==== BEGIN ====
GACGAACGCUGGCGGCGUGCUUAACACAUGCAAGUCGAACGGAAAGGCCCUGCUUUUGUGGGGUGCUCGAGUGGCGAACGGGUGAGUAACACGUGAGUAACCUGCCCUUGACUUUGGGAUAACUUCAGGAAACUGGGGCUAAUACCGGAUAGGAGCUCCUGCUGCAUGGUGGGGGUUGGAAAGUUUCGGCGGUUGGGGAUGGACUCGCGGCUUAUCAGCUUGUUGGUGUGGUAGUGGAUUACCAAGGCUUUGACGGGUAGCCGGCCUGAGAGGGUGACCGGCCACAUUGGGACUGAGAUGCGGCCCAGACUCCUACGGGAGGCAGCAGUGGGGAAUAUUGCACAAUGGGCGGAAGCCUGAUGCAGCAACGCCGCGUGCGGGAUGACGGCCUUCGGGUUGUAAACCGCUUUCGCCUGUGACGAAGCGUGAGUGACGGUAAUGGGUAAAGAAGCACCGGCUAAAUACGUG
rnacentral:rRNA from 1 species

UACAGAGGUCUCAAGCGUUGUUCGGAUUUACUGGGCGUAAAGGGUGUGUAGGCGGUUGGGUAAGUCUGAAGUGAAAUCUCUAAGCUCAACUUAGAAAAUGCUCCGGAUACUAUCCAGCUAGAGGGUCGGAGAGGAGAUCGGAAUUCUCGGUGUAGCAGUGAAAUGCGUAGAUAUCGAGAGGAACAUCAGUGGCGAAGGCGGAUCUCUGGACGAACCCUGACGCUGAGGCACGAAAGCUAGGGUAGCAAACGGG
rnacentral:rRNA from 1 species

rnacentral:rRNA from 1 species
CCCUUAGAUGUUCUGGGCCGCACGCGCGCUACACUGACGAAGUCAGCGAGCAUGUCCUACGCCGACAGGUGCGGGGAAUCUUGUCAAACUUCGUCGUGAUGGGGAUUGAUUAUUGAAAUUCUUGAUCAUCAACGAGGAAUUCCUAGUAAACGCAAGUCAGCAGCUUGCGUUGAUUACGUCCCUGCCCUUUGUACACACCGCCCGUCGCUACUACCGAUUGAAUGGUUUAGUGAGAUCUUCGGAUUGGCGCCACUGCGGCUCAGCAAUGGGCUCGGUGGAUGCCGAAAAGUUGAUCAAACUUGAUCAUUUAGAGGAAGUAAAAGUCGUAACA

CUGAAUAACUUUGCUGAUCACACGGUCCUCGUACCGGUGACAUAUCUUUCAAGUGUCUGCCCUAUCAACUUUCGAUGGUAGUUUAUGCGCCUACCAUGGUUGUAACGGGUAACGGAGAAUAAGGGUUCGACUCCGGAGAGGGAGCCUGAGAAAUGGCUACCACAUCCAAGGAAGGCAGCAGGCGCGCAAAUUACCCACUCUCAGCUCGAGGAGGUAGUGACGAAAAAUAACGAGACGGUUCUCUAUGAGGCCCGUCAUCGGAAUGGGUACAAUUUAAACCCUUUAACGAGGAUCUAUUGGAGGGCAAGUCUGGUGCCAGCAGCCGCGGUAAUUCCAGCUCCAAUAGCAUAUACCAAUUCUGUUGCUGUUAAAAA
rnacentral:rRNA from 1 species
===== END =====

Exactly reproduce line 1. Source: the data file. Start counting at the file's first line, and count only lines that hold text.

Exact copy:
GACGAACGCUGGCGGCGUGCUUAACACAUGCAAGUCGAACGGAAAGGCCCUGCUUUUGUGGGGUGCUCGAGUGGCGAACGGGUGAGUAACACGUGAGUAACCUGCCCUUGACUUUGGGAUAACUUCAGGAAACUGGGGCUAAUACCGGAUAGGAGCUCCUGCUGCAUGGUGGGGGUUGGAAAGUUUCGGCGGUUGGGGAUGGACUCGCGGCUUAUCAGCUUGUUGGUGUGGUAGUGGAUUACCAAGGCUUUGACGGGUAGCCGGCCUGAGAGGGUGACCGGCCACAUUGGGACUGAGAUGCGGCCCAGACUCCUACGGGAGGCAGCAGUGGGGAAUAUUGCACAAUGGGCGGAAGCCUGAUGCAGCAACGCCGCGUGCGGGAUGACGGCCUUCGGGUUGUAAACCGCUUUCGCCUGUGACGAAGCGUGAGUGACGGUAAUGGGUAAAGAAGCACCGGCUAAAUACGUG